CrossFit, the widely popular fitness methodology, has a noise problem. Each day, loyal CrossFitters flock to their local gym, or “box,” for the workout of the day (WOD). In line with CrossFit’s philosophy of constantly varied functional movements performed at high intensity, these WODs often involve high repetitions of pull-ups, kettlebell swings, box jumps and barbell movements, such as squats, presses and Olympic lifts. Couple that with WOD formats requiring as many repetitions as possible in a certain time, or a certain amount of repetitions as quickly as possible, and the result is a measurable level of performance. While the CrossFit community is united by its dedication to the program, neighbors to local boxes are not as appreciative of the cacophony of sounds that accompany the WODs.
The dropping of barbells and kettlebells not only causes a considerable amount of noise, but also causes vibrations both in the gym floor and walls. Throw in loud, thumping music and therein lies a recipe for testy neighborhood relations – – and potential lawsuits. This is especially true in densely-populated cities such as Chicago and New York City, where boxes are set up wherever there is space, including at the base of apartment buildings and in the middle of tightly-packed residential areas.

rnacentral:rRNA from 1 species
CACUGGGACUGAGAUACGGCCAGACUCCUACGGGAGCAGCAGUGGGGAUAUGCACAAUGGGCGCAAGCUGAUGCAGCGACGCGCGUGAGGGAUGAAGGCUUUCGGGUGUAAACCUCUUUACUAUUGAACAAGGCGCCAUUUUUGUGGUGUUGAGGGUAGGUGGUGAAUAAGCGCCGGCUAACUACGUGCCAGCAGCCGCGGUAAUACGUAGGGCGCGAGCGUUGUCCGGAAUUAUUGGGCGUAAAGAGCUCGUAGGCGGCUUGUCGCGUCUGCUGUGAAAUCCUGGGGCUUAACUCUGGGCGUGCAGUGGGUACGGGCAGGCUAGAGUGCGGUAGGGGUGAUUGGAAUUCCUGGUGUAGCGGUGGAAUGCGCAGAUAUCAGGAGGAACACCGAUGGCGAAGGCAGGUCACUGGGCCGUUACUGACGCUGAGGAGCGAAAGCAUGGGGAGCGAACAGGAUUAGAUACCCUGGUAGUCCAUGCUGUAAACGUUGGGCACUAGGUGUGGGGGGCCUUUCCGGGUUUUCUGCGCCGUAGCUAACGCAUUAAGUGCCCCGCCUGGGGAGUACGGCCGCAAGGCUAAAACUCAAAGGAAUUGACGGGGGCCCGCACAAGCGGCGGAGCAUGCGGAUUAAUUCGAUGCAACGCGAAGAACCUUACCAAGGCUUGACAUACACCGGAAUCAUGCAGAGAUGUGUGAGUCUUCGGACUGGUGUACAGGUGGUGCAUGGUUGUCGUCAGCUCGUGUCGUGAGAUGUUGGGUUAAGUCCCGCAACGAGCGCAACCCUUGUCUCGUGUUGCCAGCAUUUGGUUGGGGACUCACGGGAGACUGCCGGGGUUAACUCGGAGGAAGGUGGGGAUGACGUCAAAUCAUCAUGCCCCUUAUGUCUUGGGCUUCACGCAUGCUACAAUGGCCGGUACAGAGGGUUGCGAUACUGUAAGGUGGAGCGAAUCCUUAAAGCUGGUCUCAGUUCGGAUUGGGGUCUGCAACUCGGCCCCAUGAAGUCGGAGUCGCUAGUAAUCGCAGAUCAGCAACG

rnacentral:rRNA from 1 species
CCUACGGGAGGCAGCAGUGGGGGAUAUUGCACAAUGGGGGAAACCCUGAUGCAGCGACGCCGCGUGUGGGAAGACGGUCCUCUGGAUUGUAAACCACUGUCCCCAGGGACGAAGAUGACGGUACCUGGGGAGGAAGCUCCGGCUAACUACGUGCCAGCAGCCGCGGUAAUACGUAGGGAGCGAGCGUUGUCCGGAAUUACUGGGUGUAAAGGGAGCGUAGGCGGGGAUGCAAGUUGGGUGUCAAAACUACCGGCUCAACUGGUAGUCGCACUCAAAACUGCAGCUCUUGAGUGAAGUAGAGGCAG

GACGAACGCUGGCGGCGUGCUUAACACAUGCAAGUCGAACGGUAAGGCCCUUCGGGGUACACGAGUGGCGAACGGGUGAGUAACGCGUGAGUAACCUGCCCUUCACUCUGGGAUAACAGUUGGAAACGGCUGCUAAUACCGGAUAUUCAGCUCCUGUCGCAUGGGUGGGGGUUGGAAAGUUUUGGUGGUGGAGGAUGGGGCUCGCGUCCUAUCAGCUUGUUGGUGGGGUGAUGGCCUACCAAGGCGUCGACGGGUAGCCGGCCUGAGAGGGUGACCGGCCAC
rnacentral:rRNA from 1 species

[A] recipe for testy neighborhood relations . . .
Would-be box owners face a difficult decision as to whether to open shop in the middle of large cities. Some boxes choose to proceed without obtaining necessary permits for noise levels, and are met with lawsuits. Others maintain that they are not violating any noise ordinances, yet still face stiff opposition from neighbors, to the point that some boxes have even closed and moved locations. Still others choose to sink large sums of money—from $2,000 to $250,000—into noise-reducing measures for their boxes in order to appease the neighbors. Ultimately, the decision involves significant risk assessment, in the analysis of potential set-up costs, box modifications, and potential legal fees—including those spent to obtain necessary permits and defend against upset neighbors—versus the benefits of bringing an elite level of fitness to their respective communities.